Western Isles sub-sea cable 'could affect' mud life
A proposed sub-sea power cable between the Western Isles and mainland Scotland could affect wildlife on the seabed off Ullapool, according to scientists.
The cable would allow the isles to export electricity from renewable energy schemes to the National Grid.
Marine biologists at Edinburgh's Heriot-Watt University report the cable could cross deep water mud habitats.
They have recommended further research into the potential impact of the planned interconnector.
Small burrowing animals and also areas where an invertebrate called "feather stars" live could be affected, according to the report commissioned by Scottish Natural Heritage (SNH).
The sub-sea cable would go from Lewis, cross the sea into Little Loch Broom on the west Highlands coast and land at Dundonnel, near Ullapool.
It would allow electricity generated by wind farms and marine energy schemes that was surplus to the islands' needs to be exported to the mainland.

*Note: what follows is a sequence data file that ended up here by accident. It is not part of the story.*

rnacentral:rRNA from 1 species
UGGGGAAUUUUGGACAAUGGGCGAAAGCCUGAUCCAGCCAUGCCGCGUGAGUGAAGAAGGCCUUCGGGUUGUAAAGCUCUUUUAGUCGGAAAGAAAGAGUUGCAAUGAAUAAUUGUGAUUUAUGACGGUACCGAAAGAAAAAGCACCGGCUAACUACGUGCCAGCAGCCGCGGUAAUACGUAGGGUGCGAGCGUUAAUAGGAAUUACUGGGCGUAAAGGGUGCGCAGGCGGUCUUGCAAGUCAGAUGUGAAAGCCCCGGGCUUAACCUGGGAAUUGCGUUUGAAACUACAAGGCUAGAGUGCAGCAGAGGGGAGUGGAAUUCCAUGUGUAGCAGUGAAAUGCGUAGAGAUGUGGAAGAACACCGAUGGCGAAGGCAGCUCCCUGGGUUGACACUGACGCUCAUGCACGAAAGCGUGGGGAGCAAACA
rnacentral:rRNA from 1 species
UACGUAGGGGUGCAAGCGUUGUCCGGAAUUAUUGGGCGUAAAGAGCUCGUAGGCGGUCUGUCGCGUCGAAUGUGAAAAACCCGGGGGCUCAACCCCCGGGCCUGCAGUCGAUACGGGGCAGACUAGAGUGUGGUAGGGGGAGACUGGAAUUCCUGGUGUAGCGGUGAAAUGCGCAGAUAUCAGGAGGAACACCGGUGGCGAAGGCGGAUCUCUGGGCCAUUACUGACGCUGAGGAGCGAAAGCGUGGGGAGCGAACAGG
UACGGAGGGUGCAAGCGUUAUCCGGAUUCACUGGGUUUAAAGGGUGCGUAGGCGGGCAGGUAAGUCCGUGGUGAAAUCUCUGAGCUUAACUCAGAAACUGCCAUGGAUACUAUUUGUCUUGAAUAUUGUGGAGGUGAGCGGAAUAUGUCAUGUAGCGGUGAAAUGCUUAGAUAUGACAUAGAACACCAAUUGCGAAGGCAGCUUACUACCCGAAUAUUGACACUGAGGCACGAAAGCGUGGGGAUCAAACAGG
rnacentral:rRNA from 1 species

Scottish Hydro-Electric Transmission Limited (SHETL), a subsidiary of Scottish and Southern Energy (SSE), put plans for the interconnector on hold last year.
The report by Heriot-Watt's School of Life Sciences said what impact the cable could have on seabed habitats could not be better understood until a precise route for it was known.
However, they said it was possible deep water mud habitats could be affected.
Little Loch Broom also has a bed of the coral-like algae maerl, but the scientists said it was unlikely to be significantly affected beyond a certain depth.
SSE said SHETL deferred the start of work on the cable in October 2010 saying its cost must be underwritten by developers.
A spokeswoman said: "The project remains active and SSE will prepare a new request for authorisation to invest in the link as soon as these issues are resolved.
"In practice, this is likely to take around one year.
"At this stage we would reassess any additional environmental information."